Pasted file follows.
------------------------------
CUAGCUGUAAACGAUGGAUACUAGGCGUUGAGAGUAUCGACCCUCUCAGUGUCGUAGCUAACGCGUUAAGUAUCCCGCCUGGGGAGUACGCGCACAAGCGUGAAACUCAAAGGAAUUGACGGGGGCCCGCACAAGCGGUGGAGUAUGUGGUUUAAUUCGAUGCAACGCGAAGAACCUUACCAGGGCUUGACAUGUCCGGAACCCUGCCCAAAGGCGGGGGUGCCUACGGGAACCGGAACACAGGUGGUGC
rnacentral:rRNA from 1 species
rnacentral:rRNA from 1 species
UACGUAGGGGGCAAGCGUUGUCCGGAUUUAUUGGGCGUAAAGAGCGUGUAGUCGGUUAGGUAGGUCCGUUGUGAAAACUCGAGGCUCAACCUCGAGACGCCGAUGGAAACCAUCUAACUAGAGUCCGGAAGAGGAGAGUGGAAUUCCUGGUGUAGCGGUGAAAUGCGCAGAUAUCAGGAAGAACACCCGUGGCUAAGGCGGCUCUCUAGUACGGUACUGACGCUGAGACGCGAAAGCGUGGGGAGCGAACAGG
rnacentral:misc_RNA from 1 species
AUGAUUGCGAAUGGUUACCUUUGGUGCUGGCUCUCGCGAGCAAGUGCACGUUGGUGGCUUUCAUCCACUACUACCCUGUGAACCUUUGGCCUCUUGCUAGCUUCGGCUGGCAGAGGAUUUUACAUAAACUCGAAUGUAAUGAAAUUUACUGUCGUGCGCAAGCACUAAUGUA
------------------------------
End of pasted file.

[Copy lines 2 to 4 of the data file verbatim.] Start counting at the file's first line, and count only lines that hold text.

rnacentral:rRNA from 1 species
rnacentral:rRNA from 1 species
UACGUAGGGGGCAAGCGUUGUCCGGAUUUAUUGGGCGUAAAGAGCGUGUAGUCGGUUAGGUAGGUCCGUUGUGAAAACUCGAGGCUCAACCUCGAGACGCCGAUGGAAACCAUCUAACUAGAGUCCGGAAGAGGAGAGUGGAAUUCCUGGUGUAGCGGUGAAAUGCGCAGAUAUCAGGAAGAACACCCGUGGCUAAGGCGGCUCUCUAGUACGGUACUGACGCUGAGACGCGAAAGCGUGGGGAGCGAACAGG